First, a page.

Teaching Grammar Through Student-Centered Games
As a new teacher, grammar was initially very difficult for me to teach. It was difficult to demonstrate grammar patterns succinctly. Luckily, the school that I work for has provided help by having an established curriculum. The key to teaching grammar, however, has been teaching variable inputs in otherwise unchanging structures as part of student-centered games.
This post was written by our TEFL certification graduate Stephen W. Please note that this blog post might not necessarily represent the beliefs or opinions of ITTT.
Strategies on how to teach positive patterns
If I were to teach the pattern, “What does Billy like?/ He likes _____”, then I would have several options. I could read the pattern and have the students listen. This would be ineffective because the students are only practicing listening, not speaking. I could have the students repeat the pattern after me, and cue different inputs (by pointing to different pictures, accompanied by words on the board, for example). This would be better, but still would not be best, because the students are not able to manipulate the language themselves. I believe that this, in most cases, would negatively impact their abilities to pay attention.
On the other hand, if I assigned different words to numbers on a dice, and had students play this game with one another, this would be better yet because each student gets the opportunity to practice the pattern many times, and is more likely to be engaged because they have control over manipulating the language. This also underscores that one of the patterns has a variable input (because the thing Billy likes could be one of any six things), which I believe would help to reinforce the pattern in students' minds. And because the activity is gamified, it’s likely to be more fun, and keep students more interested.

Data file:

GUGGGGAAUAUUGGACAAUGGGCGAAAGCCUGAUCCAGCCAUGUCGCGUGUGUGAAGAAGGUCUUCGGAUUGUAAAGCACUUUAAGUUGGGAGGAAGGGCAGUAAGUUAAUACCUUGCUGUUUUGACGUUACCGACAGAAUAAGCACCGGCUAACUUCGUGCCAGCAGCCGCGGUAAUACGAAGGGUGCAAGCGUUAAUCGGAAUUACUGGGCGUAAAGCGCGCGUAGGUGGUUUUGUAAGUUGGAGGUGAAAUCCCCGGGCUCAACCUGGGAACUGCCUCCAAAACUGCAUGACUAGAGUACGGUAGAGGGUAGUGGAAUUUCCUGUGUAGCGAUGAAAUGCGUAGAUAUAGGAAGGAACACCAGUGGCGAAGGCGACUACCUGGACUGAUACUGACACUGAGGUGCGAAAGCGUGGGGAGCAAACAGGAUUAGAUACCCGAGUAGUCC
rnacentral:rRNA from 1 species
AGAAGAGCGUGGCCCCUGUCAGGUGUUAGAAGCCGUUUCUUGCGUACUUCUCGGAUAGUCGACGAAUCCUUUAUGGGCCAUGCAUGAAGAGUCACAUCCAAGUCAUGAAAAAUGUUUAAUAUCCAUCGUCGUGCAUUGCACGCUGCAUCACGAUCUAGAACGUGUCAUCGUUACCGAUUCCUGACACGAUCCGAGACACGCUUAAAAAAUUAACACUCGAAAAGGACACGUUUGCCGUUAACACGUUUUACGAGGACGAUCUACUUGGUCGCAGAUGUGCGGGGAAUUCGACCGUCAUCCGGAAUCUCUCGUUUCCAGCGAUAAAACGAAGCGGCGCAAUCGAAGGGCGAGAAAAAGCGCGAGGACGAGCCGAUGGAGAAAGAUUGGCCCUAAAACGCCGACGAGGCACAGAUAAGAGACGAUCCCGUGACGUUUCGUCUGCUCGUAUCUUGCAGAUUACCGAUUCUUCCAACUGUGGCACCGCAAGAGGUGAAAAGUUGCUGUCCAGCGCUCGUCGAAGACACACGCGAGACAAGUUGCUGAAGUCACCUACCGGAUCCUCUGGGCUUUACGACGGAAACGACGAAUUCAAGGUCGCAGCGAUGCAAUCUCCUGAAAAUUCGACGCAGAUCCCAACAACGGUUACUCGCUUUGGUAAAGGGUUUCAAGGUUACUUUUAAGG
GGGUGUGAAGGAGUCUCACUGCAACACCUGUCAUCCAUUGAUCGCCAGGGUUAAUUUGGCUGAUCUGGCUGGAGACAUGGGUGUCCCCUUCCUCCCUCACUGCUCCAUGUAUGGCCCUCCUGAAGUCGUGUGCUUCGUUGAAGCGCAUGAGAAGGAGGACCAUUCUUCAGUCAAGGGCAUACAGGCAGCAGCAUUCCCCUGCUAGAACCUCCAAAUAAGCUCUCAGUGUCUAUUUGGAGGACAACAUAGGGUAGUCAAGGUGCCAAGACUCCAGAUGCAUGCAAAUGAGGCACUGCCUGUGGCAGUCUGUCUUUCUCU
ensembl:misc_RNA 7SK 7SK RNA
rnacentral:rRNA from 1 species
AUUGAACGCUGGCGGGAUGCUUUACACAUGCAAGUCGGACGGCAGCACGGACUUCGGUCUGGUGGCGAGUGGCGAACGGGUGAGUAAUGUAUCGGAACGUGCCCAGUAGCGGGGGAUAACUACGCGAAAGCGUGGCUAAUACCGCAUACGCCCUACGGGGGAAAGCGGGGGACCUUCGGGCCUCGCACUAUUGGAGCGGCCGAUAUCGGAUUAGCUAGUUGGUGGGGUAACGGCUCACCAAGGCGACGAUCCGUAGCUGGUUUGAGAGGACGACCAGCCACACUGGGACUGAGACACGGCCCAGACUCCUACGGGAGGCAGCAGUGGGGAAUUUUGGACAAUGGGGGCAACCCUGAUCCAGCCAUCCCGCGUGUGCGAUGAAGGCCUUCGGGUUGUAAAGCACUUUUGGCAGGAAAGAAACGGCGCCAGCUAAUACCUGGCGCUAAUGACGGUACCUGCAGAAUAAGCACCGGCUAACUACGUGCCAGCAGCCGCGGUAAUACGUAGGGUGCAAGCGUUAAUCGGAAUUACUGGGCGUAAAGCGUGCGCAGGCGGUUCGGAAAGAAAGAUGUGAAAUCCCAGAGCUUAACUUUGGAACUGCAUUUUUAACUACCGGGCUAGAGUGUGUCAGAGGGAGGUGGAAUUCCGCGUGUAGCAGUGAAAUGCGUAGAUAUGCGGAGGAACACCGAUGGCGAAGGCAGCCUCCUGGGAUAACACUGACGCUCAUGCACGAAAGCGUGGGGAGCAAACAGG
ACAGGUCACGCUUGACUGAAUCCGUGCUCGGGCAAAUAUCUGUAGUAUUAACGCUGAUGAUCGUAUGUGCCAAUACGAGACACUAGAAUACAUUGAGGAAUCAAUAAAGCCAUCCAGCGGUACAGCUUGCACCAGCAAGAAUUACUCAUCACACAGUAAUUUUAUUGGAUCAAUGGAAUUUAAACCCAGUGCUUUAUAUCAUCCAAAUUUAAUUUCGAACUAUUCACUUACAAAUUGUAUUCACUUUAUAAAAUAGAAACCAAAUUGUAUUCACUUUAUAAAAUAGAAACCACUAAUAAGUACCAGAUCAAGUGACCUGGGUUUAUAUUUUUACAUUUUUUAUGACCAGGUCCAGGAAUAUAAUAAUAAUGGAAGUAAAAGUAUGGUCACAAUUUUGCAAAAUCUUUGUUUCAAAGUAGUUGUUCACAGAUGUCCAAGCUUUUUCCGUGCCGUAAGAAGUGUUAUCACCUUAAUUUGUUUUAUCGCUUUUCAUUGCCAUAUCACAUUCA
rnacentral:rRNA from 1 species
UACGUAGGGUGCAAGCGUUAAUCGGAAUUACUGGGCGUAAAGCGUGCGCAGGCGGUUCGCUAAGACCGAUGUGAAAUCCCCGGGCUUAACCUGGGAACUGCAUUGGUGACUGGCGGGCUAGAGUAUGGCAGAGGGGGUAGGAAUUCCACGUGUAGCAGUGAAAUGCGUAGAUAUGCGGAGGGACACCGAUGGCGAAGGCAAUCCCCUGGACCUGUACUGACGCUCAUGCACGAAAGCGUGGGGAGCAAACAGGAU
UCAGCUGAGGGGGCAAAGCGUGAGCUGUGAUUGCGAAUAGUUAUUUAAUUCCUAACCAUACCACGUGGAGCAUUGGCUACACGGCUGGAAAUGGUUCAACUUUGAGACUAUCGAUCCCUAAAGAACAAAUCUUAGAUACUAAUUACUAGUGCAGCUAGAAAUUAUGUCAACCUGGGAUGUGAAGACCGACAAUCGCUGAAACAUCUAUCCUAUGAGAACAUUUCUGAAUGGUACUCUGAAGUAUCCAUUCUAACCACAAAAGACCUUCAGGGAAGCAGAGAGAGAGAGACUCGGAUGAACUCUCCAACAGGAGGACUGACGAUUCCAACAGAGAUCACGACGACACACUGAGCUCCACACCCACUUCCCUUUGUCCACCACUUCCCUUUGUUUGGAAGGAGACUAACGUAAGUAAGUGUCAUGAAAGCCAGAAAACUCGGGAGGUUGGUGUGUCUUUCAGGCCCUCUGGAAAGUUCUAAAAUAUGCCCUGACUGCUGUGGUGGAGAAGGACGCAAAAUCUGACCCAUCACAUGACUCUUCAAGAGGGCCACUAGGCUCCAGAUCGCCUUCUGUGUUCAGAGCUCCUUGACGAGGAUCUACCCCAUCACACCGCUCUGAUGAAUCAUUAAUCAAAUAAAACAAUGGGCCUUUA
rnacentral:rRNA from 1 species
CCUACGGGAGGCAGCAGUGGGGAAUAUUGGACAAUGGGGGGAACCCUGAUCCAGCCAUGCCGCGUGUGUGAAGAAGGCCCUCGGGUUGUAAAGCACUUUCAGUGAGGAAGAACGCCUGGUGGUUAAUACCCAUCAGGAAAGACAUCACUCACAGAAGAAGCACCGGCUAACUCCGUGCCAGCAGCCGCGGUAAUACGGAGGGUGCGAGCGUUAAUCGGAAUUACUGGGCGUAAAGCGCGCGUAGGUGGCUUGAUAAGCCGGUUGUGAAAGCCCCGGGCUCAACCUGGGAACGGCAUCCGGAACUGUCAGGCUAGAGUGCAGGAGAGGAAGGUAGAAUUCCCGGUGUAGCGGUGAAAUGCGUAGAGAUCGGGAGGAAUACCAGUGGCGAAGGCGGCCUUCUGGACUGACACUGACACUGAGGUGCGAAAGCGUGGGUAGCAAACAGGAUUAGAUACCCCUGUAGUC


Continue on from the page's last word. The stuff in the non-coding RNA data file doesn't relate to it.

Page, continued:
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How to teach negative patterns?
If I were to teach another pattern, involving yes and no inputs, then I could similarly use student-centered games to effectively teach. Let’s say that the next lesson after teaching, “What does Billy like?/He likes _____” I taught, “Does Billy like ______?/Yes, he likes ______” or “Does Billy like ______?/No, he does not like _______.” The thing that Billy likes as input is open-ended, and a great many things could be placed there. Billy may like running (verb), running swiftly (verb, adverb combination), an apple (nouns), apples (plural nouns), sweet apples (adjective, noun combination). There are other possible combinations as well. But regardless of the teaching point, a dice may be appropriate again here, to show that there are various correct inputs, suggesting the changeability of this part of the pattern. On the other hand, the answer, “Yes, Billy likes _____” or “No, Billy does not like ______” Could be determined by a coin toss.
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So, to gamify the pattern, one student may toss a coin to see who will ask the question and who will answer. The other student chooses if he will ask or answer if he wins. The student who asks the question will roll the dice, and ask, “Does Billy like _____.” One of the six inputs will be inserted at the end. And then the second student will flip a coin, with heads indicating that, “Yes, Billy likes _____” and tails indicating that, “No, Billy does not like ______.” The students can play this game in pairs, while the teacher floats to correct pronunciation errors and other errors as they occur.
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